(This entry is an abridged version of the study published in The Digital Atlas of England Annual Report 2011)
St Peter’s church, Croft (Yorkshire North Riding) sits beside an ancient bridge over the Tees. It contains an array of unusual items including a sedilia with rustic carvings of figures (one of which may have been influential in the design of Charles Dodgson’s Cheshire Cat), a large 18th century font which would look more at home on the formal lawns of a grand house, and two enormous tomb chests (two of the largest I have ever seen in a parish church). Perhaps the most unusual and striking feature is the family pew in the north aisle.
The pew belonged to the Milbanke family, formerly of Halnaby Hall. Nikolaus Pevsner in the Buildings of England says it dates from before 1680, although I get the feeling it is somewhat later; perhaps early 18th century (the Victoria County History also suggests an 18th century date). It sits on five large wooden Tuscan columns and is equipped with a set of fetching red curtains. One ascends to the pew via a three-stage staircase with fancy twisted balusters.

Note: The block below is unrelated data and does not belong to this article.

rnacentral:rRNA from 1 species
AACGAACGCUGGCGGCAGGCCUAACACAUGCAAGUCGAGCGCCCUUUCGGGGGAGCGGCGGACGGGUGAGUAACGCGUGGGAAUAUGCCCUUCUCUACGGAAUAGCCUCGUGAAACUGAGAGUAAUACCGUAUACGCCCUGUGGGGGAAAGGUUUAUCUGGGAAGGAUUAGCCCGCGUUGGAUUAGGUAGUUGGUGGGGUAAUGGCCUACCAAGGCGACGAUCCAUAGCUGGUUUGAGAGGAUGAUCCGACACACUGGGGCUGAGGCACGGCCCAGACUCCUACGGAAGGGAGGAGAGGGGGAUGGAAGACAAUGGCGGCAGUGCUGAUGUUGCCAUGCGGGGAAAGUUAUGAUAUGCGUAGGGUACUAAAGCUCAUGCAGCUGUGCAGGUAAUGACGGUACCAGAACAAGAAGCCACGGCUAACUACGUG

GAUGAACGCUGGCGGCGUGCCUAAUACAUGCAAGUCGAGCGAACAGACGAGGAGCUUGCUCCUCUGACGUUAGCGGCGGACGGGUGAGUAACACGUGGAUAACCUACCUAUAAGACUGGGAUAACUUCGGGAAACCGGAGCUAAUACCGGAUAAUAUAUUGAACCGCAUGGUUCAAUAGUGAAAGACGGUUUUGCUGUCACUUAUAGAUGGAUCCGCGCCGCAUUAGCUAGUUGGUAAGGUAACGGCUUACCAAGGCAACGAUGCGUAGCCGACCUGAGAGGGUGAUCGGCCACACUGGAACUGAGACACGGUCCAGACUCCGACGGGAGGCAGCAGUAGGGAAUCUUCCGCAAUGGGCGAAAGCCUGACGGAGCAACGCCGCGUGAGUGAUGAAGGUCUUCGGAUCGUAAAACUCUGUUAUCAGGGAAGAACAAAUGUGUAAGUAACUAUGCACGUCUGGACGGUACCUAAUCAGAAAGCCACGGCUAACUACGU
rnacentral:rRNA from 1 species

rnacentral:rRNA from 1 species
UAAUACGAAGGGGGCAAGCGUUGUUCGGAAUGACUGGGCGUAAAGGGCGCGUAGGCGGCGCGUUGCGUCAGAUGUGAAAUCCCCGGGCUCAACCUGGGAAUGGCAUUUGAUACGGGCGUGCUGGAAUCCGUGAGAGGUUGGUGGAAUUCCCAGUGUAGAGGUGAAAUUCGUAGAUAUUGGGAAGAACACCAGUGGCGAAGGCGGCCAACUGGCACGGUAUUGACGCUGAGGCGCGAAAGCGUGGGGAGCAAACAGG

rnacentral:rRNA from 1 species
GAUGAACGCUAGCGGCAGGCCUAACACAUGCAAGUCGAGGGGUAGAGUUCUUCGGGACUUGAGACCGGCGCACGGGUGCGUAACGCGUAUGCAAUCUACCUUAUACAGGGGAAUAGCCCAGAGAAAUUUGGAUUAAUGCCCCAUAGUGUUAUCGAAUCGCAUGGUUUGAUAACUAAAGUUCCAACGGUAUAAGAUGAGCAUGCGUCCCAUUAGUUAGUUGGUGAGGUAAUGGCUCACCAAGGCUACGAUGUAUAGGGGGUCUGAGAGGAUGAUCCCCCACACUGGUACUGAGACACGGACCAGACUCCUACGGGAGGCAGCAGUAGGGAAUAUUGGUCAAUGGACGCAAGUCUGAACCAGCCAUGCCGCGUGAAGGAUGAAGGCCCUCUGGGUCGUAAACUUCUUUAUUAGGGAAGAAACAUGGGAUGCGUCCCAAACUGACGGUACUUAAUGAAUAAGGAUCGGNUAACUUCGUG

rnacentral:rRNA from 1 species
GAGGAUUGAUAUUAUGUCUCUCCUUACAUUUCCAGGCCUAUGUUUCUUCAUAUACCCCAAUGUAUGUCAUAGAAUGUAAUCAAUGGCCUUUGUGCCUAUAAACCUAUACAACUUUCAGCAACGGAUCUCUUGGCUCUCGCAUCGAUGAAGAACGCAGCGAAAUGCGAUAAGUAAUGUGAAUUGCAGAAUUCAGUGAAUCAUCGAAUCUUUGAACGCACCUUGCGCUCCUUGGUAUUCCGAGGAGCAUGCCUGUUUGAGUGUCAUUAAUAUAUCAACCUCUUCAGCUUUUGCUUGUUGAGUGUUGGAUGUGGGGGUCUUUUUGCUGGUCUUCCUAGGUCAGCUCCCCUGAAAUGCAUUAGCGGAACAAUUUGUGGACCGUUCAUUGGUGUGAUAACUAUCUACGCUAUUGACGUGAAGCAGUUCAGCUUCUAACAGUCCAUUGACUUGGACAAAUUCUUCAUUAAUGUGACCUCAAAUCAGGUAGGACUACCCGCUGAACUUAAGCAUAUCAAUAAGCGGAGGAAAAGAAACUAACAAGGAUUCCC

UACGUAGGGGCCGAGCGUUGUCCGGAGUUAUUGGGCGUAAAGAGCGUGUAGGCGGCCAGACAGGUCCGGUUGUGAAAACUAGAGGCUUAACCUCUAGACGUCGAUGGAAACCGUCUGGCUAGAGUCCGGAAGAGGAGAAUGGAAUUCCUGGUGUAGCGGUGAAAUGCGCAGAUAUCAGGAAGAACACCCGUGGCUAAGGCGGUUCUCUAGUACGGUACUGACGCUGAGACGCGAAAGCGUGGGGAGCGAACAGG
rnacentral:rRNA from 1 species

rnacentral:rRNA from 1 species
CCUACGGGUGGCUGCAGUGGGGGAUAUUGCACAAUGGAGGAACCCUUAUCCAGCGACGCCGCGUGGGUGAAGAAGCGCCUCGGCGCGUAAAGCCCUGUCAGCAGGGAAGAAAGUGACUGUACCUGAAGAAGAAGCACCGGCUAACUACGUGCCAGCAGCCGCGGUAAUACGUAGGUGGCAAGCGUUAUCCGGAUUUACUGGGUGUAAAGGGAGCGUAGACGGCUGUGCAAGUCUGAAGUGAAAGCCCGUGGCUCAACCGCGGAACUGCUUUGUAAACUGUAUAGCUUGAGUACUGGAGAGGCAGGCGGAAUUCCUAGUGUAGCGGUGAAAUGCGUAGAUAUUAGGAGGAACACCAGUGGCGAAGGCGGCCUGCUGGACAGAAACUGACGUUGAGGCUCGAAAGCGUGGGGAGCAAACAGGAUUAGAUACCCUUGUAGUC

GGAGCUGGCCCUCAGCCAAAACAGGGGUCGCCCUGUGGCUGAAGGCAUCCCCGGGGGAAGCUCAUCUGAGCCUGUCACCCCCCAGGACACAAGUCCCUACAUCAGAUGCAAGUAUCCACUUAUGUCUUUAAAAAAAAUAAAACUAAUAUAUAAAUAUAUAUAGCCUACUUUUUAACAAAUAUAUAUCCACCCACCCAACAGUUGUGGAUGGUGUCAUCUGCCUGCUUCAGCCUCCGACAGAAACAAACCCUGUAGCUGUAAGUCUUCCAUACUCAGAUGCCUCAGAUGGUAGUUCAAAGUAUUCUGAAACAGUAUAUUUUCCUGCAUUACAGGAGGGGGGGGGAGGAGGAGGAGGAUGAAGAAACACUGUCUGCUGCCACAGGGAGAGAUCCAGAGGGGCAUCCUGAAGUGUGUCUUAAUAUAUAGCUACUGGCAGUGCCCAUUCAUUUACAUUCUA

Behind and underneath the enormous pew is an equally enormous tomb chest surrounded by an iron railing. It has no inscription but sports a funeral helm, sitting rather ill-at-ease on the top, and a series of heraldic shields of the Milbanke family. It is most probably the tomb of Sir Mark Milbanke 1st Baronet (d.1680) or, less likely, to his son Sir Mark (d.1698) who built a large family vault in the church.
The first Sir Mark was created a Baronet on the 7th of August 1661, presumably helped by the fact that his father, Mark Milbanke, had been High Sheriff of Northumberland and had also been instrumental in the restoration of Charles II to the Throne in 1660.
If you visit the church, try tapping on the front columns. You’ll find only the inner two are for structural support; the outer two are hollow and for show only.